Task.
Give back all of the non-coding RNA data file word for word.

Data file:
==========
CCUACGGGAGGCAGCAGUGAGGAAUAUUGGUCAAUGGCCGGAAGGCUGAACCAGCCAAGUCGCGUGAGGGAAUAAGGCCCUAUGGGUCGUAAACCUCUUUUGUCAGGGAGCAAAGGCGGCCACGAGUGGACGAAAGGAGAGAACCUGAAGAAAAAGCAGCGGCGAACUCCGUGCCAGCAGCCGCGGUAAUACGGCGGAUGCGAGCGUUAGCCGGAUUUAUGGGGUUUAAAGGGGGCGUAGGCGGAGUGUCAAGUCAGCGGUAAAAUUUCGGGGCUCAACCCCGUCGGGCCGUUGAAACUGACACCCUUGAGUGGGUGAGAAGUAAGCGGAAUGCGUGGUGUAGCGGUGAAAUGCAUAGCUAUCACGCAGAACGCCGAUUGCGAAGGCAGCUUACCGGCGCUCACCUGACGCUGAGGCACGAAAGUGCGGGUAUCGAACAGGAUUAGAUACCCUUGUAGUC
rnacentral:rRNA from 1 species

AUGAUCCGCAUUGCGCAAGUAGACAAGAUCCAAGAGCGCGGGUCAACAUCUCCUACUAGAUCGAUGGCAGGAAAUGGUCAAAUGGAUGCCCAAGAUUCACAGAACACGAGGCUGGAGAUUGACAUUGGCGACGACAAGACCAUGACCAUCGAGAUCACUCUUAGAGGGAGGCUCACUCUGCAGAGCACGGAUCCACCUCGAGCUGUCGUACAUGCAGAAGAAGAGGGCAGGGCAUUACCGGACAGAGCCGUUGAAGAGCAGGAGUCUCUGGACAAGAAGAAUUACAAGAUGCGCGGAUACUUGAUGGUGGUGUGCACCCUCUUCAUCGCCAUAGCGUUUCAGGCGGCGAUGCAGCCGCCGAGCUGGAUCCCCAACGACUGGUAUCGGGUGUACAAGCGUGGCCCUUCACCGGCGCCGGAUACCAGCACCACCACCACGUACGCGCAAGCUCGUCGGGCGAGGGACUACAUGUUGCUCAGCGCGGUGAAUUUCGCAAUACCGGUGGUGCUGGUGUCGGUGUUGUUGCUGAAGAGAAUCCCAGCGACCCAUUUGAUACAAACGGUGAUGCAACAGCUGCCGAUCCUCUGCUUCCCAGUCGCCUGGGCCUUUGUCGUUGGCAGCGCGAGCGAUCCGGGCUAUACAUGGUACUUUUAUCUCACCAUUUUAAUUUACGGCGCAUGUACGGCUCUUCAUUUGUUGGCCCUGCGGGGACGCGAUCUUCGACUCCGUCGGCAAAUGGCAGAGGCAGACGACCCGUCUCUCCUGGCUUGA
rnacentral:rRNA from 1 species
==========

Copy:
CCUACGGGAGGCAGCAGUGAGGAAUAUUGGUCAAUGGCCGGAAGGCUGAACCAGCCAAGUCGCGUGAGGGAAUAAGGCCCUAUGGGUCGUAAACCUCUUUUGUCAGGGAGCAAAGGCGGCCACGAGUGGACGAAAGGAGAGAACCUGAAGAAAAAGCAGCGGCGAACUCCGUGCCAGCAGCCGCGGUAAUACGGCGGAUGCGAGCGUUAGCCGGAUUUAUGGGGUUUAAAGGGGGCGUAGGCGGAGUGUCAAGUCAGCGGUAAAAUUUCGGGGCUCAACCCCGUCGGGCCGUUGAAACUGACACCCUUGAGUGGGUGAGAAGUAAGCGGAAUGCGUGGUGUAGCGGUGAAAUGCAUAGCUAUCACGCAGAACGCCGAUUGCGAAGGCAGCUUACCGGCGCUCACCUGACGCUGAGGCACGAAAGUGCGGGUAUCGAACAGGAUUAGAUACCCUUGUAGUC
rnacentral:rRNA from 1 species

AUGAUCCGCAUUGCGCAAGUAGACAAGAUCCAAGAGCGCGGGUCAACAUCUCCUACUAGAUCGAUGGCAGGAAAUGGUCAAAUGGAUGCCCAAGAUUCACAGAACACGAGGCUGGAGAUUGACAUUGGCGACGACAAGACCAUGACCAUCGAGAUCACUCUUAGAGGGAGGCUCACUCUGCAGAGCACGGAUCCACCUCGAGCUGUCGUACAUGCAGAAGAAGAGGGCAGGGCAUUACCGGACAGAGCCGUUGAAGAGCAGGAGUCUCUGGACAAGAAGAAUUACAAGAUGCGCGGAUACUUGAUGGUGGUGUGCACCCUCUUCAUCGCCAUAGCGUUUCAGGCGGCGAUGCAGCCGCCGAGCUGGAUCCCCAACGACUGGUAUCGGGUGUACAAGCGUGGCCCUUCACCGGCGCCGGAUACCAGCACCACCACCACGUACGCGCAAGCUCGUCGGGCGAGGGACUACAUGUUGCUCAGCGCGGUGAAUUUCGCAAUACCGGUGGUGCUGGUGUCGGUGUUGUUGCUGAAGAGAAUCCCAGCGACCCAUUUGAUACAAACGGUGAUGCAACAGCUGCCGAUCCUCUGCUUCCCAGUCGCCUGGGCCUUUGUCGUUGGCAGCGCGAGCGAUCCGGGCUAUACAUGGUACUUUUAUCUCACCAUUUUAAUUUACGGCGCAUGUACGGCUCUUCAUUUGUUGGCCCUGCGGGGACGCGAUCUUCGACUCCGUCGGCAAAUGGCAGAGGCAGACGACCCGUCUCUCCUGGCUUGA
rnacentral:rRNA from 1 species